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          • Sure it could be read the way you interpreted it! Writers have to be really careful about ambiguities like this! A reader can interpret something entirely differently from the way the author conceptualized it! Something like this could even form a source of misunderstanding during a diplomatic negotiation and start a war!

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  12. 1. Love the new photo, you sexy thing you! (Hope this comment doesn’t go to spam because of what I just typed.)

    2. Thanks for the shout out.

    3. I have a love letter from my teenage beau that reads, “Feel free to point out any weak words you would like me to replace with strong words.”

    Great post, Vanessa!

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    • 1. Thank you, and it’s ok, my spam settings are such that they will allow though any compliments, whatever the wording.

      2. You’re welcome (although you probably don’t want any more visitors on your site just at the moment, till things have died down a bit over there!).

      3. Ha! Who knew at the time what his words would lead you to do… πŸ˜‰

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  13. Hi Vanessa, the handwritten love letter is not dead, I just don’t think the content of the modern young persons love letter would really slot into the ‘Mills & Boone’ genre too well. Whilst I don’t have on of my own to share with you, I do have the transcript of one ‘love’ letter that I intercepted from a boy who was in an English lesson I was delivering;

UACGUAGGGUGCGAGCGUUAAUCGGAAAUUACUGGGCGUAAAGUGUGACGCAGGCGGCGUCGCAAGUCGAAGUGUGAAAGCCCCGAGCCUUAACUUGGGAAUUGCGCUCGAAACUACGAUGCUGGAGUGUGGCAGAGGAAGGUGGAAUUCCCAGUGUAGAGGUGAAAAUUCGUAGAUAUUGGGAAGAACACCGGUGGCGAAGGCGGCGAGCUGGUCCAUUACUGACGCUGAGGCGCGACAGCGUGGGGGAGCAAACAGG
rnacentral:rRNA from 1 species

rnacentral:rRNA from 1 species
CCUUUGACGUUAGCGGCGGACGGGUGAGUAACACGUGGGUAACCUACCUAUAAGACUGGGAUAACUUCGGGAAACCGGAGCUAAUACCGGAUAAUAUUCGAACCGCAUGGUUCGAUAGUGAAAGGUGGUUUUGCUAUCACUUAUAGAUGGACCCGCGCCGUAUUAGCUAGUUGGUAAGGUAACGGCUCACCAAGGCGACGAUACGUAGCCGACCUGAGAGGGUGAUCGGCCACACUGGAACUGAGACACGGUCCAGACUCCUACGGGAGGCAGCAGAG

“Hi bbe (that’s a modern abbreviation for the ubiquitous, contemporary term of endearment – ‘Babe’)
    Am stil thinkin about last nite (this is verbatim – they’re not my regular students by the way) it was sick. I want you inside me NOW!!!! But I really need to tell you something but I dont want u to get mad with me when I tell u. I know we shud have used protection but its jus not the same and I wanted to feel you. Im not pregnant or anything but I went to the clinic last week and got a letter today and thay said that ive got clamidia. Its not that bad really. I hope your not mad with me. Can we talk after lesson.